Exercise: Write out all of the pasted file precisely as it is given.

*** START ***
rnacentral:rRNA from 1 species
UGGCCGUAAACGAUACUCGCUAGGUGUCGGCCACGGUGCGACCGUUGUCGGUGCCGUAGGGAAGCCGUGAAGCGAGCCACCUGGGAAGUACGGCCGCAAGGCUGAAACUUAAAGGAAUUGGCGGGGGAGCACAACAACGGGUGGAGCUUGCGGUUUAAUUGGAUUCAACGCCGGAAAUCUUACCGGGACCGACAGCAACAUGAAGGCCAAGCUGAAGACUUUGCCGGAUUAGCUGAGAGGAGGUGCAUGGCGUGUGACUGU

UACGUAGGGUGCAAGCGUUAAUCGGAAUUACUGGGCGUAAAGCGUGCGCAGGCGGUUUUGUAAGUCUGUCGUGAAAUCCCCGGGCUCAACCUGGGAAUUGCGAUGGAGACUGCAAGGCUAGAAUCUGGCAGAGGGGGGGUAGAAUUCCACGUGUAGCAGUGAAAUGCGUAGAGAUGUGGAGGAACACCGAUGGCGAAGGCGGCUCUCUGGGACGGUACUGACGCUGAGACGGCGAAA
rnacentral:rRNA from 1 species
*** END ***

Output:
rnacentral:rRNA from 1 species
UGGCCGUAAACGAUACUCGCUAGGUGUCGGCCACGGUGCGACCGUUGUCGGUGCCGUAGGGAAGCCGUGAAGCGAGCCACCUGGGAAGUACGGCCGCAAGGCUGAAACUUAAAGGAAUUGGCGGGGGAGCACAACAACGGGUGGAGCUUGCGGUUUAAUUGGAUUCAACGCCGGAAAUCUUACCGGGACCGACAGCAACAUGAAGGCCAAGCUGAAGACUUUGCCGGAUUAGCUGAGAGGAGGUGCAUGGCGUGUGACUGU

UACGUAGGGUGCAAGCGUUAAUCGGAAUUACUGGGCGUAAAGCGUGCGCAGGCGGUUUUGUAAGUCUGUCGUGAAAUCCCCGGGCUCAACCUGGGAAUUGCGAUGGAGACUGCAAGGCUAGAAUCUGGCAGAGGGGGGGUAGAAUUCCACGUGUAGCAGUGAAAUGCGUAGAGAUGUGGAGGAACACCGAUGGCGAAGGCGGCUCUCUGGGACGGUACUGACGCUGAGACGGCGAAA
rnacentral:rRNA from 1 species